Multiple communities have been evacuated as two massive forest fires rage in eastern Manitoba Friday.

The first wildfire started Thursday evening northeast of Caddy Lake in Manitoba. It’s grown in size to 700 hectares and expanded into Ontario....

voice of the damned

montrealer58 wrote:

Emissions vary drastically from province to province. Here in Quebec we are around 10t.

I'd say that because there was no lightning before the wildfire, it was probably started by someone in the area. You can't blame the tar sands OR climate change for that.

 

I think it's kind of a wild goose chase, trying to prove that a PARTICULAR fire was caused by global warming. It's like the following disucssion...

A: Smoking causes lung cancer!! Look what happened to Jim. He smoked, and he died of lung cancer!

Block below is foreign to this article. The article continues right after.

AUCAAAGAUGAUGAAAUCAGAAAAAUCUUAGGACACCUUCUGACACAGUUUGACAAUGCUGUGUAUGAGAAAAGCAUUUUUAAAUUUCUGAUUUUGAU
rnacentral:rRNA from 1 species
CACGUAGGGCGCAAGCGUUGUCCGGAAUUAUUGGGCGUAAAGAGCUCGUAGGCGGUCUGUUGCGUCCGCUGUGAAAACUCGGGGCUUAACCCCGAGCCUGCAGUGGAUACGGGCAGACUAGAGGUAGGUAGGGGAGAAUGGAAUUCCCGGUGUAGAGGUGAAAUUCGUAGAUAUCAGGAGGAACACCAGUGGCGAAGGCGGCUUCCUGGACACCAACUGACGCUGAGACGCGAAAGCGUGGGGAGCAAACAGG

B: Yes, but his father and all his uncles died of lung cancer as well, and they didn't smoke, so obviosuly, Bill's cancer was genetic.

A: But his non-smoking aunt didn't die of lung cancer, so what does that tell you about genetics?.

And so on so forth. Of course, whether or not Jim's cancer was caused by smoking is neither here nor there, to the question of whether smoking is connected with a greater risk of lung cancer in the aggregate. Science has pretty much proven that it is, so getting bogged down in a debate about Jim's own individual case is just a useless diversion, distracting from the overall point.

As far as I am aware, there is no way of knowing whether the Fort McMurray fire would still have occured in some alternative time-line where global warming had been brought to heel twenty years ago. I know some people like the symbolism of Tarsands Central suffering blowback from the pollution trends to which it had contributed, but that's nothing on which to build a case for emission reduction.

kropotkin1951 kropotkin1951's picture

montrealer58 wrote:

Emissions vary drastically from province to province. Here in Quebec we are around 10t.

I'd say that because there was no lightning before the wildfire, it was probably started by someone in the area. You can't blame the tar sands OR climate change for that.